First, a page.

Celebrate learning during National Literacy and Numeracy Week

Girl playing with counters

National Literacy and Numeracy Week is an opportunity for providers, educators and families to celebrate learning with their students and children. ACECQA spoke with two educators to see how they promote a culture of problem solving, understanding and learning in their educational programs and the opportunities for teaching these skills to young children in a way that is fun and engaging.

Shirleyanne Creighton from South Grafton Multipurpose Out of School Hours Care in NSW finds that asking children what activities they want to do most is a great method of incorporating literacy and numeracy into the program.

“We build a list of high-demand activities and then as a team work together to determine how we can underpin those activities with literacy and numeracy elements,” Shirleyanne said.

“Simple ideas, like using a baking class that introduces children to metrics and measurements or initiating a pen pal partnership that links with another OSHC,
are exciting ways for children to engage with numbers and text.

“Literacy and numeracy skills are the cornerstones of education and should form the basis of most activities we set out for our students.

“Educators and providers need to let children lead the way. By weaving literacy
and numeracy into their favourite activities, we can make the most of their natural intrigue and teach these skill sets creatively.

“The whole process can be seamless. Our children are learning and they don’t even notice,” Shirleyanne said.

In South Australia, Lee Munn and her team at Lobethal Kindergarten have also come up with interesting ways of teaching literacy and numeracy through experience.

“Every term, one week is selected as the ‘Outdoor Kindy Week’ where all sessions are conducted in the outdoor learning environment,” Lee said.

“Activities that are focused on thinking, planning and constructing functional items from simple materials such as pipes or bamboo help children to understand angles, weights and measurements.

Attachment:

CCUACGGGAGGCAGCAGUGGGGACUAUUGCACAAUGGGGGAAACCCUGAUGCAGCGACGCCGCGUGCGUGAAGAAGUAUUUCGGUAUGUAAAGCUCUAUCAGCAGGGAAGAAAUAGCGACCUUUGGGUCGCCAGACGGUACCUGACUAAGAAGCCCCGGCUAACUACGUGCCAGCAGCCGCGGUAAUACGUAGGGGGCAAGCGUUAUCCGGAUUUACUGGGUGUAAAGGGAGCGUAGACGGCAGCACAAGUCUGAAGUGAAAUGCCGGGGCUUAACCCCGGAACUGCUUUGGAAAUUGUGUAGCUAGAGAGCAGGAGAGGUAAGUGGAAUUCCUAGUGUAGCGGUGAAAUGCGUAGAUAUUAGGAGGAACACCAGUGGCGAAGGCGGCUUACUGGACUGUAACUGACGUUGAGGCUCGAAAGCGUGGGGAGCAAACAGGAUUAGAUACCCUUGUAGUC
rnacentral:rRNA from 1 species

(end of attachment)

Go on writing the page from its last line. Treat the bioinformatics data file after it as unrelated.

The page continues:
“Imagination and story appreciation is also encouraged by using the ground as
a canvas, allowing students to compose and illustrate their ideas,” Lee said.

Lobethal Kindergarten also publishes a daily blog, which allows parents and families to read about the centre’s activities and enables them to comment and contribute to the curriculum.

“We encourage children to connect with nature by getting them outdoors and challenging them to take risks and move outside their comfort zones,” Lee said.

“A child’s imagination and curiosity can actually teach us all a thing or two – we are constantly in awe of children’s abilities to extend their thinking and learning. They amaze us with their competencies, skills and desire to explore and discover.”

Visit www.literacyandnumeracy.gov.au/ for details of the week’s activities, useful resources and innovative ideas to celebrate learning.

Updating your Quality Improvement Plan

In Issue 1 of the ACECQA Newsletter for 2013 we asked ‘What are you doing to ensure your Quality Improvement Plan remains a living document?’ 

Share what you and your service are doing to build on 2012 and keep your QIP up to date by commenting on this post.

Want to read more about keeping QIPs up to date? Check out this post from Gaye Stewart on how she and her team supported the process at a local level. 

Communicating with families

In Issue 15 of the ACECQA Newsletter, we called out for ideas and suggestions on electronic communication with families. We had a great response, including a post on the ACECQA Facebook page from Joanna O’Brien of Platinum Pre School in Randwick, NSW.

While these methods may not be for everyone, it was clear that Platinum had embraced electronic communication and social media in a big way. We asked Joanna to write a guest blog to hear first hand what has worked for Platinum, and whether any of these tools might help other services communicate with parents.

In this post Joanna writes about the reasons her service embraced electronic communication, benefits to the parent community and professional development for staff.

Since opening our doors in mid 2010 at Platinum Pre School in Sydney’s East we’ve spent a considerable amount of time experimenting and developing techniques that would allow our love of early education to fit with the changing lifestyles of the families in our community.